Super Street - - First In Line -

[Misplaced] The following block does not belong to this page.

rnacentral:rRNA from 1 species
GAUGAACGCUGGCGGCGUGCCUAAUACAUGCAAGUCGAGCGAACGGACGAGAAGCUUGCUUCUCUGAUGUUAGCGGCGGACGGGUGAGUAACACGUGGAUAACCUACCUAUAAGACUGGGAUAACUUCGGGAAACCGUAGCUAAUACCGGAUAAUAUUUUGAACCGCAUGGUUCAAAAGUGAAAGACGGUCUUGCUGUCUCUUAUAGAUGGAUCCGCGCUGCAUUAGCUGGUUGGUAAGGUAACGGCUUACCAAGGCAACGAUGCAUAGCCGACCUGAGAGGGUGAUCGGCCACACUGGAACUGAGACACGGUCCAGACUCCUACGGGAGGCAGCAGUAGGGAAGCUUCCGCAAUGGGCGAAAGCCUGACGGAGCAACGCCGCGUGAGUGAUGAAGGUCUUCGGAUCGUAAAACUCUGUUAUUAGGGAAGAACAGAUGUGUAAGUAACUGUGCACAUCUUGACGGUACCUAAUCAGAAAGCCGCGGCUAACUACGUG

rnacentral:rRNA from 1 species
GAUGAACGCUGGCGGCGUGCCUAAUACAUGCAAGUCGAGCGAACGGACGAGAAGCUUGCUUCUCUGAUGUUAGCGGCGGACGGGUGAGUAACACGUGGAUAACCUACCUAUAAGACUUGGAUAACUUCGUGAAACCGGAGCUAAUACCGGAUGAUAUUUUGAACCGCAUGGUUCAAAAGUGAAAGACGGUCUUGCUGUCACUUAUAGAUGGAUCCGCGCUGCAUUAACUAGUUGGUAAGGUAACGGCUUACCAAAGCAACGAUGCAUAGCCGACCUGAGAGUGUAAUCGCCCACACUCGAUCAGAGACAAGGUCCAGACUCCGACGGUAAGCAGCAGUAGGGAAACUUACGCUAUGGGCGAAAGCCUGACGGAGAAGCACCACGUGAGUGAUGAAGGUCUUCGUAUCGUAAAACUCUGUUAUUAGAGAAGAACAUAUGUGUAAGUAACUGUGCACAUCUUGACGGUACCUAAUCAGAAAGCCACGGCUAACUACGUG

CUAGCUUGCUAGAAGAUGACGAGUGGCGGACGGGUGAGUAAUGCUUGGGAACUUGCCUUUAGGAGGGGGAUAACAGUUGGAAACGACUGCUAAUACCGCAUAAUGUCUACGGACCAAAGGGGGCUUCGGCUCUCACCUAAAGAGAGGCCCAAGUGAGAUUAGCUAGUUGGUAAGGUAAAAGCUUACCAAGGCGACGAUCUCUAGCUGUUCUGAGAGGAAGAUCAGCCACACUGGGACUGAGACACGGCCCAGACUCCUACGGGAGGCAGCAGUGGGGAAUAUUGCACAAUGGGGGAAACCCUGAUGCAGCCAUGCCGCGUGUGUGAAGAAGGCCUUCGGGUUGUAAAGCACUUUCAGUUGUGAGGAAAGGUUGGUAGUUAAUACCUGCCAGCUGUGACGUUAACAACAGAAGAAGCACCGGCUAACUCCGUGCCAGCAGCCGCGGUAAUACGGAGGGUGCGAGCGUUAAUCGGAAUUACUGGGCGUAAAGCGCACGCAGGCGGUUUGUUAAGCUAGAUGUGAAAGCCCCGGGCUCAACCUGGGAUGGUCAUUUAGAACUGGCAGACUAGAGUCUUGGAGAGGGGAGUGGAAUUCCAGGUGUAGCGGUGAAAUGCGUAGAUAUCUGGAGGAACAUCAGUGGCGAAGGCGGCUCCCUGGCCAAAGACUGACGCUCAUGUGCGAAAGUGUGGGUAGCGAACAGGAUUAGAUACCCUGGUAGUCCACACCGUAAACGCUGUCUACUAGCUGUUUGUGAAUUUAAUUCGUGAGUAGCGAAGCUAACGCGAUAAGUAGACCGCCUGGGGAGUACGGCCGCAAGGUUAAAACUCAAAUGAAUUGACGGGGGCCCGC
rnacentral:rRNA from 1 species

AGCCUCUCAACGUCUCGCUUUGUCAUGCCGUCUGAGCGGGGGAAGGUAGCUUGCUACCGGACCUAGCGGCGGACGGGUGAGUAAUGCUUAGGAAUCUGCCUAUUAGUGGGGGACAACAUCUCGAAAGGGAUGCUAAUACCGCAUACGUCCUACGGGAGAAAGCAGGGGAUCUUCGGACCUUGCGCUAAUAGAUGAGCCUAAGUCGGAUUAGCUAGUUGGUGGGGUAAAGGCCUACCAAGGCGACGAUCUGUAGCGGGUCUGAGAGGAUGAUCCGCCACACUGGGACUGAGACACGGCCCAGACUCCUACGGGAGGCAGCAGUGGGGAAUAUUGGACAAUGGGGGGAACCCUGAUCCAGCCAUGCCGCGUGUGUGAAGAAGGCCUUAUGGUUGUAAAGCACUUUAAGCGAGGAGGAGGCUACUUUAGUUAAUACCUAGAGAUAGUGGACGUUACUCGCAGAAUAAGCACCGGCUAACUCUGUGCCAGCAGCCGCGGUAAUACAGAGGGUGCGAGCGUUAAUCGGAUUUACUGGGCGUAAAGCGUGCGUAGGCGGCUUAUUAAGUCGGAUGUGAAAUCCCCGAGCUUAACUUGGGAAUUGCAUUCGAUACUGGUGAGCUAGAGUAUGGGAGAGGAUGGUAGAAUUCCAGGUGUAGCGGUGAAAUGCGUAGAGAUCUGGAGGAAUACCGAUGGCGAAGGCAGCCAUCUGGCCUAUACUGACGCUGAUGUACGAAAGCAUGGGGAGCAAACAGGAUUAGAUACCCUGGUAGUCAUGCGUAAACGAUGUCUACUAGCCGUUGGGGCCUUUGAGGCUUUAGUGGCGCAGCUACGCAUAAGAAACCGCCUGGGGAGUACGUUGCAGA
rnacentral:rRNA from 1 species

All this time you’ve been think­ing in­di­vid­ual throttle bod­ies and boost ought to re­main ex­clu­sive to one an­other and you’ve pretty much been wrong. It turns out that mul­ti­ple throttle bod­ies and forced in­duc­tion get along just fine, too, thank you. Ask the turbo and it’ll tell you all it wants to do is com­press a whole bunch of air—it doesn’t care where it goes af­ter that. Un­like nat­u­rally as­pi­rated lay­outs where that pile of throttle bod­ies can in­di­vid­u­ally suck up the oxy­gen right in front of them, hav­ing a turbo in their way means some sort of man­i­fold’s got to be there to tie it all to­gether. The man­i­fold doesn’t just send air from the turbo’s com­pres­sor out­let to the throttle bod­ies, it does so in an evenly dis­trib­uted sort of way and with the sort of crisp and im­me­di­ate throttle re­sponse you’ve come to ex­pect from a mul­ti­plethrot­tle body lay­out. But there are draw­backs. Tun­ing can be more of a chal­lenge, for in­stance, since both man­i­fold pres­sure and throttle po­si­tion now have to be con­sid­ered when con­fig­ur­ing engine man­age­ment fuel ta­bles. Get it right, though, and you could end up with the best of both worlds.

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